In an attempt to broaden my cultural culinary skills and to expand the horizons of those interested, I started the Around the World Club. For a donation, I create a meal from each country to which Hannah has traveled. So far I have been able to find delicious recipes and the food has turned out pretty good…but now she is in India. I cannot even pronounce the name of the dishes, much less the ingredients in them. Fortunately for me my friend Orly from Israel is a fabulous cook who happens to LOVE Indian food. She offered to help teach me about Indian cooking, so last week I had a lesson in Indian cuisine and culture.
We traveled to Decatur which has a high population of people from India. First step to increasing my cultural awareness was to try some authentic food. We arrived at one of Orly’s favorite restaurants which smelled of curry the moment we stepped inside. A Bollywood movie was playing on the TV in the corner. Plain white tables set with paper placemats and a fork and spoon were scattered all around. The chairs were church chairs…the kind that you hook together and have a place for a hymnal underneath. At the far end of the room was the buffet line filled with food I did not recognize at all. It is a great benefit to take someone along who knows the food let me just tell you. Orly gave me a tour of the dishes, explaining what was in each one. Determined to stretch myself I took a little of each item on the bar…including the goat. We sat and ate. I was slow because I am not too good with spicy food…the things I think are spicy make lovers of heat laugh. For me ALL of this food was fiery hot, but despite that I liked some of it. We tried the items from our menu for the dinner we are making, and while I still cannot pronounce them I do think they are tasty.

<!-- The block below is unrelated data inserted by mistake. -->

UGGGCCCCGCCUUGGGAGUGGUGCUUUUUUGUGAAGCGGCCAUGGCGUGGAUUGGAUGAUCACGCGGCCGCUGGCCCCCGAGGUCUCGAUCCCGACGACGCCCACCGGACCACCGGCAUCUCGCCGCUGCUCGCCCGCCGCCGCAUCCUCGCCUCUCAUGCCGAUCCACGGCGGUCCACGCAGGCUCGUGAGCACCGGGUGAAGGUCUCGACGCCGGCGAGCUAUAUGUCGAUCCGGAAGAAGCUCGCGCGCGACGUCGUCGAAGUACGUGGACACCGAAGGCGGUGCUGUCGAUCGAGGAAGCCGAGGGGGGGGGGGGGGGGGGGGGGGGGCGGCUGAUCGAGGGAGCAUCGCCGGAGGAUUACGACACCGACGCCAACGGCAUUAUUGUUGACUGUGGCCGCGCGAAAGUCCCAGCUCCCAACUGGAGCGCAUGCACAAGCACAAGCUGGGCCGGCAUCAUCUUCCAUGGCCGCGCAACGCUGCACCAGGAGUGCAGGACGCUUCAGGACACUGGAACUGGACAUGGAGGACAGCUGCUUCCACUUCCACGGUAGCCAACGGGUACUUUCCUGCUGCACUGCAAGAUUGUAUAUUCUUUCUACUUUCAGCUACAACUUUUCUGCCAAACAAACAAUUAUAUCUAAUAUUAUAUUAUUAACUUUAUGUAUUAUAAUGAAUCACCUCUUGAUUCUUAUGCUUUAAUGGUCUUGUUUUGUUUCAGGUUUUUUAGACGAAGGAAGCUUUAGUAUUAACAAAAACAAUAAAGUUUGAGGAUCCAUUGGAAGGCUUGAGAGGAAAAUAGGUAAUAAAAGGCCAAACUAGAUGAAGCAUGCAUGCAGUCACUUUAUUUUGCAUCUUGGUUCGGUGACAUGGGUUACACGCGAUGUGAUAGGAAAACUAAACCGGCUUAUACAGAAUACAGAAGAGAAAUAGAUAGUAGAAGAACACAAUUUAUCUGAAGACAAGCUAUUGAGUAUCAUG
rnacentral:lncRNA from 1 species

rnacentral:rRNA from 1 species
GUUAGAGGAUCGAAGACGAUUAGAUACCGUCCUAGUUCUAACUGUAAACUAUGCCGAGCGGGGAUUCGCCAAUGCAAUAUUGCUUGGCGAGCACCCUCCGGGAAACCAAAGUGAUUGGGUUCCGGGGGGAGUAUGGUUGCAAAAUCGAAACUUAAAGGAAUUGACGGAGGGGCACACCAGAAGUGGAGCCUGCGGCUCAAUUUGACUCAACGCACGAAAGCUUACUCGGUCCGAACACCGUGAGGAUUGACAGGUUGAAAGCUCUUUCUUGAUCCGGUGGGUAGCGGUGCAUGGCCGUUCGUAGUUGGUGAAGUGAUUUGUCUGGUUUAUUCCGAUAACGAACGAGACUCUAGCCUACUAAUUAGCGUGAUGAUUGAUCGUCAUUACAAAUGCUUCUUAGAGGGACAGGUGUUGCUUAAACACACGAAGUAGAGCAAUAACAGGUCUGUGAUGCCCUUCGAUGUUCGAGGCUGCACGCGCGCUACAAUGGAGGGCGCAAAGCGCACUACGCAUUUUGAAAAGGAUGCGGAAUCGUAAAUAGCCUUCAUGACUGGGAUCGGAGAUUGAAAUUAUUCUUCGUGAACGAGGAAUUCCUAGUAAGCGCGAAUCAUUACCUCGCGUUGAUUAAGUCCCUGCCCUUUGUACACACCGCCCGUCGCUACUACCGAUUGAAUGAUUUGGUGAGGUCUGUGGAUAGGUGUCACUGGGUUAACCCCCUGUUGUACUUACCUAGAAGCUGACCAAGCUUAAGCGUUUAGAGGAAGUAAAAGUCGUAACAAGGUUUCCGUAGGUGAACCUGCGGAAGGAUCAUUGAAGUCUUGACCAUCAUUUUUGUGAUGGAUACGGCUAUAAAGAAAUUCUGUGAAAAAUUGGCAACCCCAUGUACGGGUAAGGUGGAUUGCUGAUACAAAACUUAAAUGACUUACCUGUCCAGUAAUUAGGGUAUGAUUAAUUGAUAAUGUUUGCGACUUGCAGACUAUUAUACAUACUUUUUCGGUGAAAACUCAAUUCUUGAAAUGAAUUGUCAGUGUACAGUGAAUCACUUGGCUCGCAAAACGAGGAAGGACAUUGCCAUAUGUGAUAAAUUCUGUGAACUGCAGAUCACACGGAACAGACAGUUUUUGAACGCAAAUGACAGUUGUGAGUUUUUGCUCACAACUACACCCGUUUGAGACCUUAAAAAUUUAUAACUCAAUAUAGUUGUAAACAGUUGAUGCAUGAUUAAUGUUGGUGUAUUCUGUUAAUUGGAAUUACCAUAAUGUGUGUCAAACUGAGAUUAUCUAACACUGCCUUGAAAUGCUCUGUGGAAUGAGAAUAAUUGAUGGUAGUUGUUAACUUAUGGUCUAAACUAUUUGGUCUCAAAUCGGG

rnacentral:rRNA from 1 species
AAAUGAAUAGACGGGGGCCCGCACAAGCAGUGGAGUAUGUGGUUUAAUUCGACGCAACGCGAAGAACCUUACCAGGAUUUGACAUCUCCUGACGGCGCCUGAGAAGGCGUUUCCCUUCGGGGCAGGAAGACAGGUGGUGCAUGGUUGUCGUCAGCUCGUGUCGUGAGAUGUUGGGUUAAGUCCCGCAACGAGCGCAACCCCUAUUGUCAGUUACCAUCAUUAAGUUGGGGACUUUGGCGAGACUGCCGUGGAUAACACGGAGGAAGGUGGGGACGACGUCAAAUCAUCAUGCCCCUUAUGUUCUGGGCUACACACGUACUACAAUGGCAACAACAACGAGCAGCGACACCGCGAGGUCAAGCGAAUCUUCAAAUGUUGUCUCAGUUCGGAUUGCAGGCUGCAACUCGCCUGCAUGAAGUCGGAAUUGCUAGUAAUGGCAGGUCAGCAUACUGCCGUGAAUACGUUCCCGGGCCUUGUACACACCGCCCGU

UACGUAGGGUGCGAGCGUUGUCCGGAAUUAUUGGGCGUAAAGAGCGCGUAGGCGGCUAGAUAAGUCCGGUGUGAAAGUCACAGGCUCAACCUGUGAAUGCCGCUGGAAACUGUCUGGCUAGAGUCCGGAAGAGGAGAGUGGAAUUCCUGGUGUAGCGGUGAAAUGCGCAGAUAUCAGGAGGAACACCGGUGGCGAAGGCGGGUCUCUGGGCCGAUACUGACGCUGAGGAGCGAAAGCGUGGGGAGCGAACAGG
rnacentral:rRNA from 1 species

When we finished our lunch we went a couple of doors down to the Indian market. Now this was a cultural experience all on its own. There were rows and rows of rice. I had no idea there were so many kinds. Also grains, beans, and flour. The selection was overwhelming to me. I didn’t even recognize alot of the stuff in the produce section. It was interesting just to look at, and I could have except that I would have been run over. It was crowded, like 5:00 traffic in Atlanta crowded. People in all manner of dress, some in western clothing, some in sarees, and some in what seemed to be a mixture of both. There was Indian music playing, and horns blowing…yes I said horns. I am not sure where they were exactly, as our cart did not have a horn…maybe there were electric carts somewhere? Not sure, but the atmosphere of afternoon traffic was only perpetuated by the sound. It was nearly impossible to get through the isles, and the checkout lines were longer than Walmart at Christmas. I think I was the only English speaker in the whole place, and I spent most of my time just trying not to be in the way. I was unsuccessful. I couldn’t get the hang of leaving my cart at the end of the row to shop. Inevitably I would go back with my arms full and the cart would be gone, pushed out of the way by some other shopper. Trying not to drop the items in my hands I would wander looking into carts to try to find the right one. The problem with this is that every cart had foreign items in it and, since I cannot read Hindi, I had no idea which one was mine. Add to this scene weaving in and out of cart traffic, dodging between foreign speaking women and their children, and jumping to avoid the horns coming up behind you and you have the picture. It was like some sort of nightmare scavenger hunt. Once the cart was found and I moved to the next row the exhausting process started all over again. It was a microcosm of India.